Excessive exposure to temperatures that are too hot or cold can result in vaccines losing their potency. Continued exposure degrades potency even further and unfortunately it cannot be restored and the vaccine must be destroyed.
The Center for Disease Control (CDC) recommends refrigerators storing vaccines MUST be kept between 2ºC and 8ºC (36ºF and 46ºF) and freezers storing vaccines between -50ºC and -15ºC (-58ºF and +5ºF) and recommends the use of a digital data logger to continuously measure temperature of vaccines in storage.
Data loggers are essential temperature monitoring devices for fridges and freezers storing vaccines. Lascar offers a range of vaccine monitoring kits that follow both CDC and NHS guidelines and that include a digital data logger, a glycol bottle probe and calibration certificate.
USB Vs WiFi - Which One Do I Choose?
USB data loggers enjoy a long battery life (12+ months) with a user replaceable battery. Users are alerted to alarms by a flashing red LED on the device. An on-board display shows max, min and current log. Data is downloaded manually by connecting the device to the PC USB port. These loggers are the lowest cost vaccine solutions.
WiFi data loggers allow remote access to all readings via any internet enabled device with multiple loggers viewed at any one time or by using the EasyLog Cloud App for iOS and Android. The unit can be programmed to send instant email alarm notifications and an on-board display shows max, min, current log and whether the unit is in alarm. The units can run from batteries for up to 2 years (EL-MOTE) or can be powered by mains.
Why a Glycol Bottle?
A detachable probe in a bottle filled with a thermal buffer, such as glycol, is the closest reflection of an actual vaccine. Vaccine temperatures are more stable than air temperature, as the air fluctuates when the door is opened. Suspending a probe in a sealed glycol bottle helps to prevent the change in air temperature from throwing the readings off, consequently mimicking the rate at which vaccines react to changes in temperature, giving users the most accurate readings.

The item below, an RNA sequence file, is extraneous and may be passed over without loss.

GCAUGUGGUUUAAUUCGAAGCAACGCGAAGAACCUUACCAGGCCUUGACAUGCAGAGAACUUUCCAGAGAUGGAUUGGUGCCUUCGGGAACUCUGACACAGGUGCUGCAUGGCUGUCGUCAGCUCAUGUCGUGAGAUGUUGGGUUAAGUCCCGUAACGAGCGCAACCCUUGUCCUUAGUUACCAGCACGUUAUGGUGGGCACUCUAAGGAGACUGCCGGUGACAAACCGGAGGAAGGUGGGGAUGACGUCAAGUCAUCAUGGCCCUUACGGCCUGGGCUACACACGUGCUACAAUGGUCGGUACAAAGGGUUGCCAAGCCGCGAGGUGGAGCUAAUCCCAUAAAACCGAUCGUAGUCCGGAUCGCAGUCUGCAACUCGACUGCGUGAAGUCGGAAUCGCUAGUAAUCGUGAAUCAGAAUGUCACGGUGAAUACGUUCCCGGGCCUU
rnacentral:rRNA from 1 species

All of our vaccine data loggers are provided with a calibration certificate issued at 2 and 8°C. They have been calibrated by a UKAS/NIST accredited laboratory using apparatus traceable to national or international standards. This means that this logger has been purposefully tested at the temperatures you will be using it in to make sure it is accurate.
What Do The Experts Say?
"The Green Book from Public Health England provides the latest information on vaccination procedures for health professionals and immunisation practitioners in the UK. There are strict regulations regarding the storage of vaccines, as they could become potentially dangerous and less effective if they become too hot or cold. The vaccine cold chain process refers to all parties who deal with vaccines, including vaccine manufacturers, specialist pharmaceutical distribution companies and all transportation of refrigeration and cool boxes, until the vaccine has been administered to a recipient by a trained professional.
The Centres for Disease Control and Prevention (CDC) is the leading national public health institute of the United States. The CDC guidelines confirm the regulations administered by the Green Book and our EasyLog products meet these guidelines."
Lascar Products in the Field
Don't take our word for it. Read how some of our customers have been using Lascar data loggers in the field to track vaccines, from the use of WiFi loggers to track vaccine temperatures in the UK, to the tracking of vaccine temperatures in refrigerated storage in Slovenia, to the tracking of flu vaccines throughout a chain of paediatric clinics in Pennsylvania, US.
Lascar's Top Tips
- You should store vaccines in their original packaging, detailing expiry dates and batch numbers
- Sufficient space just be left around the vaccine packages in the fridge to allow air to circulate
- Rotate your vaccine stock using a first in, first out process
- Keep different vaccine types in specific areas of the vaccine storage fridge
- Vaccines should not touch the back walls of the fridge, if they do they may become frozen and therefore unusable
- Vaccines should be protected from light
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